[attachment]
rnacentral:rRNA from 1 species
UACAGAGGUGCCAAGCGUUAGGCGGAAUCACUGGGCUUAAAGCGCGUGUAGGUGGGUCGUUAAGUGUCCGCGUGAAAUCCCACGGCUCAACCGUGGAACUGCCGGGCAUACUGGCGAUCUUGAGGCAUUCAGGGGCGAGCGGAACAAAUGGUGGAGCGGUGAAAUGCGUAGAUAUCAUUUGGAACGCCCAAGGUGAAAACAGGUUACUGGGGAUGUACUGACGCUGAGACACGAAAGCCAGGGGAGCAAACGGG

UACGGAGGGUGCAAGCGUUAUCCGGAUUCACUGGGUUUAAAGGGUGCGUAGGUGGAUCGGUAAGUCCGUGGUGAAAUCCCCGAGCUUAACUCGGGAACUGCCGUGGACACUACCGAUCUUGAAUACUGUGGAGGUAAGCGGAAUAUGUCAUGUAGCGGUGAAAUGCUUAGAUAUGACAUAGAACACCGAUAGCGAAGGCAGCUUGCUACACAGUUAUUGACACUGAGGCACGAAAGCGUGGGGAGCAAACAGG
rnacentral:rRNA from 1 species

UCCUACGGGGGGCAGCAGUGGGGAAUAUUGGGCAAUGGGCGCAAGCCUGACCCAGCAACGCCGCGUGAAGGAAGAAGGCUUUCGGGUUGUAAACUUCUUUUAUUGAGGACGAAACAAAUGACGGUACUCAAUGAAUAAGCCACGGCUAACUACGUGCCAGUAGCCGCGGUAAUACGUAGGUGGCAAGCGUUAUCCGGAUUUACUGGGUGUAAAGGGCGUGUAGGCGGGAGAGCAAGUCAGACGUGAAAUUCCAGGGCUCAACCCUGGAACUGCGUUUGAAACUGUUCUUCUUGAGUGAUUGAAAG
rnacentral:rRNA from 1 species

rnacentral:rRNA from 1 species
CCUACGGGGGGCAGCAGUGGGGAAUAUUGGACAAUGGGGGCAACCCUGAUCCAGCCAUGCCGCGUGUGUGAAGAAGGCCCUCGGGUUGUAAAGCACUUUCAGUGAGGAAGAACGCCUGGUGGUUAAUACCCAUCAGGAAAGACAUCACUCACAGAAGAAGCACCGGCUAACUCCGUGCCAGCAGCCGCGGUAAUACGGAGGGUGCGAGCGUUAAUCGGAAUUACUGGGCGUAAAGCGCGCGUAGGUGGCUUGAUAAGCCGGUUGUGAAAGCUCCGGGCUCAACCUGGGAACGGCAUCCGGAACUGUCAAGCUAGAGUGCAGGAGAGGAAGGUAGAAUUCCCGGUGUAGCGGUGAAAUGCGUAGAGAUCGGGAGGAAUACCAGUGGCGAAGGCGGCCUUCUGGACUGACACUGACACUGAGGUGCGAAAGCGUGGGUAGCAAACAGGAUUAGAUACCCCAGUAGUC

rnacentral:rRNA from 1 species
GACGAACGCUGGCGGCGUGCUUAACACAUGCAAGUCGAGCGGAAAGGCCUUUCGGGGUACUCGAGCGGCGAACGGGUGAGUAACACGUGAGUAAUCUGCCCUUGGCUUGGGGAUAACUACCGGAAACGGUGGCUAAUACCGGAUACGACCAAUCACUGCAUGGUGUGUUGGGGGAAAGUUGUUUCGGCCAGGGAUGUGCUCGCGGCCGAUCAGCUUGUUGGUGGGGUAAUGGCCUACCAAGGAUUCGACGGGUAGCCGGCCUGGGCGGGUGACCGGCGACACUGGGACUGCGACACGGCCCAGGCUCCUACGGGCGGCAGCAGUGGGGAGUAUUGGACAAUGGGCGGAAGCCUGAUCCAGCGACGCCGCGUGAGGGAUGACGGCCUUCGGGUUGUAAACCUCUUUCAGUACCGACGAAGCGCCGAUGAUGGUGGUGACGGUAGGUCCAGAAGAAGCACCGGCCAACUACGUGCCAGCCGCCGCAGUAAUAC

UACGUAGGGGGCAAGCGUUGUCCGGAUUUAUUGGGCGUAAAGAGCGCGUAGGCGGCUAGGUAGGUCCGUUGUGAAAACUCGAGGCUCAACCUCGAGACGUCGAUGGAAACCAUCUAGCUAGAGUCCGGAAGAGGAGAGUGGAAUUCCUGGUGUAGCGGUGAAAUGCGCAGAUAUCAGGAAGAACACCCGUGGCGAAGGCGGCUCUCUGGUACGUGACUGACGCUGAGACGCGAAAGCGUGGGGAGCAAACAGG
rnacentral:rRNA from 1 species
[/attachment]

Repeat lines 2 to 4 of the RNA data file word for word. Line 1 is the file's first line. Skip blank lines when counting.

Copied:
UACAGAGGUGCCAAGCGUUAGGCGGAAUCACUGGGCUUAAAGCGCGUGUAGGUGGGUCGUUAAGUGUCCGCGUGAAAUCCCACGGCUCAACCGUGGAACUGCCGGGCAUACUGGCGAUCUUGAGGCAUUCAGGGGCGAGCGGAACAAAUGGUGGAGCGGUGAAAUGCGUAGAUAUCAUUUGGAACGCCCAAGGUGAAAACAGGUUACUGGGGAUGUACUGACGCUGAGACACGAAAGCCAGGGGAGCAAACGGG

UACGGAGGGUGCAAGCGUUAUCCGGAUUCACUGGGUUUAAAGGGUGCGUAGGUGGAUCGGUAAGUCCGUGGUGAAAUCCCCGAGCUUAACUCGGGAACUGCCGUGGACACUACCGAUCUUGAAUACUGUGGAGGUAAGCGGAAUAUGUCAUGUAGCGGUGAAAUGCUUAGAUAUGACAUAGAACACCGAUAGCGAAGGCAGCUUGCUACACAGUUAUUGACACUGAGGCACGAAAGCGUGGGGAGCAAACAGG
rnacentral:rRNA from 1 species